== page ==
Brain Pickings

An Animated History of Human Communication: 1965 Educational Film about the Telephone

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Barely a decade into the age of the social web, it’s already difficult to remember — or imagine — how the world operated before it. As difficult, perhaps, as it was for kids in the 1960s to imagine a world before the telephone.

We Learn About The Telephone is a 1965 educational film that traces the history of human communication, from the messenger runners of the Ancient world to Native Americans’ smoke signals to the invention of the telegraph and telephone, and explores the science and technology of how the phone actually works, from the anatomy of speech production to the physics of sound waves. Animated by the legendary John Hubley, the film is as much a treat of vintage animation as it is a priceless piece of cultural memorabilia from the golden age of media innovation.

Bonus: At around 10:56, you get a detailed tutorial on how to dial a rotary phone — for your collection of obsolete life skills — followed by some phone etiquette lessons. (“You should let the phone ring 8 to 10 times.”)

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From Mark Twain to Ray Bradbury, Iconic Writers on Truth vs. Fiction

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Why art exists, or what a stage magician can teach us about the fine points of literary make-believe.

Famous writers have previously shared insights on symbolism, reading, and writing itself. Underlying many of these meditations is a broader curiosity about the intricate interplay of fact and fantasy. To untangle that knotty relationship, here are a handful of iconic authors’ thoughts on truth, art, and fiction — culled from their finest nonfiction.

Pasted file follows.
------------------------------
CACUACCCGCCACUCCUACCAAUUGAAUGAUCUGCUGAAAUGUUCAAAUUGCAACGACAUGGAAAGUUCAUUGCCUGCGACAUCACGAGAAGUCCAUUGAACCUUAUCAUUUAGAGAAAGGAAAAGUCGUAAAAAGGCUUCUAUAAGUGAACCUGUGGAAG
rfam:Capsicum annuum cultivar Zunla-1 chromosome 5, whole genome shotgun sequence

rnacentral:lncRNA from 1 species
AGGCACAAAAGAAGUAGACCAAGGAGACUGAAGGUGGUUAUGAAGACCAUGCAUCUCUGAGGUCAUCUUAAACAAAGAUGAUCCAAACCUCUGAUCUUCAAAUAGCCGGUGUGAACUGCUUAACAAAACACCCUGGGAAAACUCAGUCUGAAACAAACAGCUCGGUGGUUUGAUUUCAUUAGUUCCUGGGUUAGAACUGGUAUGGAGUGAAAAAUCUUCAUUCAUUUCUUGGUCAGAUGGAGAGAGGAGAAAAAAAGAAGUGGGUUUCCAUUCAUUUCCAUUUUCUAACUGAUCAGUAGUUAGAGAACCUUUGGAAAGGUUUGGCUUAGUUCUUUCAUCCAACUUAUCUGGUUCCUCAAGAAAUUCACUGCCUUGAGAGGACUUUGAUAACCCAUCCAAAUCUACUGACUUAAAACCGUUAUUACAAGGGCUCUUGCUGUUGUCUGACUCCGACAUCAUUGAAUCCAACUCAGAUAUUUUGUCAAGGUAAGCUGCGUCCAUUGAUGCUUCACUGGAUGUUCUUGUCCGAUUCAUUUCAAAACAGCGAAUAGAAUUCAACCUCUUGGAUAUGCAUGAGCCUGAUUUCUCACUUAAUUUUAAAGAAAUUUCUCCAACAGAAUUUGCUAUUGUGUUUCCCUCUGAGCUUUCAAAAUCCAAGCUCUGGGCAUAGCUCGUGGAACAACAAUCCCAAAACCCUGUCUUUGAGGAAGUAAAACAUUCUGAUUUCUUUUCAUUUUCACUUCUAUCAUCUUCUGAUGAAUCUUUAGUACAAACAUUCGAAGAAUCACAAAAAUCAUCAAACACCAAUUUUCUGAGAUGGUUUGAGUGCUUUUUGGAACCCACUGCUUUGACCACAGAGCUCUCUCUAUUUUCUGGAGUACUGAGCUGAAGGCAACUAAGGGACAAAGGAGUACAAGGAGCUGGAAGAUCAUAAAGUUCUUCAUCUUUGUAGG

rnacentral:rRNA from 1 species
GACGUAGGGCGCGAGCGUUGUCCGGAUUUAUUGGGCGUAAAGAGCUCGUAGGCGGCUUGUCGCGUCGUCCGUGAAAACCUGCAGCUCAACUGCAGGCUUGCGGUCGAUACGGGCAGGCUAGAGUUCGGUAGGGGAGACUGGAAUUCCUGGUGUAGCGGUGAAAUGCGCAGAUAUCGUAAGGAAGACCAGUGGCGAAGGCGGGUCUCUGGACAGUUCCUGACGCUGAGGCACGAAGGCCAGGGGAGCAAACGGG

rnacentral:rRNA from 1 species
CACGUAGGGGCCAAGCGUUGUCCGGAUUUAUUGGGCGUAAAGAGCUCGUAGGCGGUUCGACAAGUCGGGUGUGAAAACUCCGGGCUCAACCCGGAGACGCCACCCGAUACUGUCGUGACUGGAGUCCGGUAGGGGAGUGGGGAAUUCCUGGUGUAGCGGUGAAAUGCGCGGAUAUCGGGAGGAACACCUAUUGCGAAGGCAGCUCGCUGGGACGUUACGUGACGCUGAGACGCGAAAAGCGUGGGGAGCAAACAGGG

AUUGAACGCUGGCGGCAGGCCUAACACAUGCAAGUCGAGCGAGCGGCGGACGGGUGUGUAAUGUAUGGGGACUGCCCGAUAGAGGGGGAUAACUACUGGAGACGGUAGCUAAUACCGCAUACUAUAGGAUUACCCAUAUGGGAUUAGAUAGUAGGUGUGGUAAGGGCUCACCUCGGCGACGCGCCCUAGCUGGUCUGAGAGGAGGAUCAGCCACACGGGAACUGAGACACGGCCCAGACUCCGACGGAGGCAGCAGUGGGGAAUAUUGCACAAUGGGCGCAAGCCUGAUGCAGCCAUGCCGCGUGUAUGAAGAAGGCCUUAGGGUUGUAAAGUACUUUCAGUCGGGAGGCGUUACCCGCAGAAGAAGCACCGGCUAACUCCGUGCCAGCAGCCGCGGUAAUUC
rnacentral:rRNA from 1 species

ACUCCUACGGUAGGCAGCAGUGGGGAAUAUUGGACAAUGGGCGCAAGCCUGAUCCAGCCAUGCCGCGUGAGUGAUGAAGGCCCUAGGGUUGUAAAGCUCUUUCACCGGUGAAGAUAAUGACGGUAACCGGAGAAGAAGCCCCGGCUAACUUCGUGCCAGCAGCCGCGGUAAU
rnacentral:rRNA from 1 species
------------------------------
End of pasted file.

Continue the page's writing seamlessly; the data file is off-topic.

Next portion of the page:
Fiction is a lie, and good fiction is the truth inside the lie.” ~ Stephen King in On Writing

Good fiction is made of what is real, and reality is difficult to come by.” ~ Ralph Ellison in Advice to Writers

Truth is stranger than fiction, but it is because Fiction is obliged to stick to possibilities; Truth isn’t.” ~ Mark Twain in Following the Equator

Playing around with symbols, even as a critic, can be a kind of kiddish parlor game. A little of it goes a long way. There are other things of greater value in any novel or story… humanity, character analysis, truth on other levels, etc., etc. Good symbolism should be as natural as breathing… and as unobtrusive.” ~ Ray Bradbury

The problem with fiction, it has to be plausible. That’s not true with non-fiction.” ~ Tom Wolfe in Advice to Writers

Yes, I have tricks in my pocket, I have things up my sleeve. But I am the opposite of a stage magician. He gives you illusion that has the appearance of truth. I give you truth in the pleasant disguise of illusion.” ~ Tennessee Williams in The Glass Menagerie

The reason that fiction is more interesting than any other form of literature, to those who really like to study people, is that in fiction the author can really tell the truth without humiliating himself.” ~ Eleanor Roosevelt in The Autobiography Of Eleanor Roosevelt

You should never read just for ‘enjoyment.’ Read to make yourself smarter! Less judgmental. More apt to understand your friends’ insane behavior, or better yet, your own. Pick ‘hard books.’ Ones you have to concentrate on while reading. And for god’s sake, don’t let me ever hear you say, ‘I can’t read fiction. I only have time for the truth.’ Fiction is the truth, fool! Ever hear of ‘literature’? That means fiction, too, stupid.” ~ John Waters in Role Models